March 6, 2014
State Representative Leslie Combs’ goal of increasing financing opportunities for Kentucky’s major construction projects cleared a key hurdle on Thursday, March 6 when the House Appropriations and Revenue Committee voted for her legislation.
“In an era of declining revenues, especially from the federal government, we have to consider all options when it comes to improving our infrastructure,” said Combs, a Pikeville legislator who chairs the House Budget Review Subcommittee on Transportation. “Otherwise, I worry that we will not be able to give our communities what they need to thrive in the years ahead.About half of the states already have this option available to them; it’s time Kentucky joins them.”
This legislation would make it possible for state and local governments to form public-private partnerships to build such things as bridges that cost in the billions of dollars.
“This won’t take away from these governments’ responsibilities in approving and contributing to these projects, but it will give them another alternative to move forward when it otherwise might not be possible,” Combs said. “It’s another tool in our toolbox.”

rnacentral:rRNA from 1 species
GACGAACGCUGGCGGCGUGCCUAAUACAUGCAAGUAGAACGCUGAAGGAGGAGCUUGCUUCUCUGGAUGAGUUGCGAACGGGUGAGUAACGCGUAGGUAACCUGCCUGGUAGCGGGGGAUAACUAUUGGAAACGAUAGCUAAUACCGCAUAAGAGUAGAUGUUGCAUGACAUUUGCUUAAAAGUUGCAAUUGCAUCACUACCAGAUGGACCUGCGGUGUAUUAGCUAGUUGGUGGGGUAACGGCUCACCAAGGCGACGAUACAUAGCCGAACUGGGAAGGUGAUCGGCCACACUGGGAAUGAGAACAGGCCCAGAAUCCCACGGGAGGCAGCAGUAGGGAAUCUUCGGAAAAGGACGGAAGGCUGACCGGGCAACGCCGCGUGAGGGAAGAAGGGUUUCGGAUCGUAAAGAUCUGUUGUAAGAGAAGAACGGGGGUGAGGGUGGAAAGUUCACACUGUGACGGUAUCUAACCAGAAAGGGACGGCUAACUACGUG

Her House Bill 407 has 25 co-sponsors from both parties, including all five House leaders, and is expected to be voted on by the full House early next week. It also has the backing of such organizations as the Kentucky Chamber of Commerce, which testified in favor of the bill during today’s meeting.
Chamber President Dave Adkisson said that “this is a way forward where the private community can be called on to help achieve the public good.”
Transportation Cabinet Secretary Mike Hancock also spoke in favor of Rep. Combs’ bill, and she noted that the University of Kentucky has already moved ahead with a public-private partnership to build a new wave of dormitories.
“Projects like that may be just the tip of the iceberg, and this legislation would improve opportunities for projects for our state and local governments,” Combs said. “I think it has the potential to significantly improve Kentucky’s infrastructure in the years ahead. The first step, though, is getting this bill signed into law before the legislative session ends next month.”